(9:45PM EST – promoted by Nightprowlkitty)
June 29, 2008
Dear Alan, Ira, Elisa and Rex:
This evening, again, the subject of Blogs came up during your show, the Media Project. And, to nobody’s particular surprise, the usual, superficial analysis was quickly dispensed: bloggers are not journalists, blogs have no quality control, blogs are too quick, blogs have no restraints, blogs by anonymous writers are irresponsible, blogs don’t gather news, some blogs print “horrible” things. I’ve come to expect this.
The fact is that there are millions of blogs. For political and cultural analysis these come in two main types: group blogs (e.g., daily Kos in left Blogistan) and individual blogs. Individual blogs, like newspapers, radio, and TV, have enormous variations in intelligence and quality. Some are absolutely brilliant; others, unreadable. But both kinds of blogs are extremely democratic: anybody with access to a computer can be a writer and express an opinion or an analysis or spread a story. Anybody with a comment about a story is free to post it. Yoanni Sanchez, a prizewinning Cuban blogger, uses the computer at the local library. One doesn’t need money to be a blogger. Only time and desire. Bloggers who are no good remain unread and eventually give up. Bloggers who have something to say are ultimately recognized and build a readership.
I say all of this because I don’t think your show sufficiently acknowledges the importance of blogs, and it’s important that you begin to. Newspapers are cutting back and dying, radio and television are consolidating and moving news to entertainment and propaganda. Blogs continue to grow in influence and importance. Simply put, blogs are the important, new medium. In fact, some newspapers and radio stations attempt to put up blogs, to compete, but in general these are just not the same thing as blogs that are supported only by the writers’ time, energy, desire and persistence.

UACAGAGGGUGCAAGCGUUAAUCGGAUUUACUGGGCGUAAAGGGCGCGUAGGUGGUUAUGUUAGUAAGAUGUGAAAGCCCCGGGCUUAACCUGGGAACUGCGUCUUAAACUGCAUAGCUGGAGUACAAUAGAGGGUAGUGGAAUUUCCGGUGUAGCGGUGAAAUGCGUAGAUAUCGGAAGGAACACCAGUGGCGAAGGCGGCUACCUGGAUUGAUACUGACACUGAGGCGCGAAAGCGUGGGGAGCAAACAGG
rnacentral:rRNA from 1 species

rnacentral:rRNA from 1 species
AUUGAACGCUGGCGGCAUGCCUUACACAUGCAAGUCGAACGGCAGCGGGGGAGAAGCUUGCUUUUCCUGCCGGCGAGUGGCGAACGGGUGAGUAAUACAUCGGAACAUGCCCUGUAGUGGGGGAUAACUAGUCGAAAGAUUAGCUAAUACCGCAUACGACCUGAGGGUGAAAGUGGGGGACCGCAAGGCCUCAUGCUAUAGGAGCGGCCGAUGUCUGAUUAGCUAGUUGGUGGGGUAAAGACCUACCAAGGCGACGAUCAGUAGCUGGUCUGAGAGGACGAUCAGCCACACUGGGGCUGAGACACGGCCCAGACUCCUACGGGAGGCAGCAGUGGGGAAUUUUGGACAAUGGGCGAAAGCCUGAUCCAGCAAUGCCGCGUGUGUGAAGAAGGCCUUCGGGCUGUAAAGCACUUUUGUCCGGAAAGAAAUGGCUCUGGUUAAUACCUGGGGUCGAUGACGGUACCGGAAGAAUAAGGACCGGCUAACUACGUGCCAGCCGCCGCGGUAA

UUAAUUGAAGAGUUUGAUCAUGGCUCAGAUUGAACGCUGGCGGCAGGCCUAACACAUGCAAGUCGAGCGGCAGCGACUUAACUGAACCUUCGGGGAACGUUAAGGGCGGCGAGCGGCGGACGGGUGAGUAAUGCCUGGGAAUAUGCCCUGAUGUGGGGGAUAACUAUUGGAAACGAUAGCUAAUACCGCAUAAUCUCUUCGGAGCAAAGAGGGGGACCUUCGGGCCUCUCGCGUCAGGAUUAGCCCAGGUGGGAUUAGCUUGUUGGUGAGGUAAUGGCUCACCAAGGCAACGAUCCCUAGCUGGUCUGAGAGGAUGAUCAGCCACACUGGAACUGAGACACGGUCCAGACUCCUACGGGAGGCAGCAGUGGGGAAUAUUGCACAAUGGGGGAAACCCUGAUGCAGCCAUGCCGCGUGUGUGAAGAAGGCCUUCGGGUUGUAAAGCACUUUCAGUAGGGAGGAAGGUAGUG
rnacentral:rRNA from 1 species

Why am I writing all of this? Because “Teh Blogs” deserve a seat on the Media Project. They provide an important viewpoint you ought to be providing your listeners. And nobody can explain blogging and its role in media as well as someone actually involved in it. In fact, only someone who is actively involved in blogging, which seems to involve reading lots of other blogs in addition to writing, can provide insight into what actually happened in the blogosphere in the past week. You’d be surprised to note that events in the blogosphere frequently don’t dwell on the same stories as the traditional media.
You don’t have to invite me to sit in. There are lots of other people who could do a wonderful job at this. You can pick the blogger of your choice.
Are the blogs powerful enough, important enough to deserve this kind of consideration? A simple demonstration. I won’t mail this letter to you. I’ll just post it on two small blogs, my own, The Dream Antilles, and my favorite group blog, Docudharma. I’m relatively sure you’ll find out about my opinion and the comments of many others through the magic of the blogs.
David Seth Michaels
P.S. I use the name “davidseth” when I blog. Anybody who cares can easily find my full name and where I am. I do this because I stand behind every single word I write.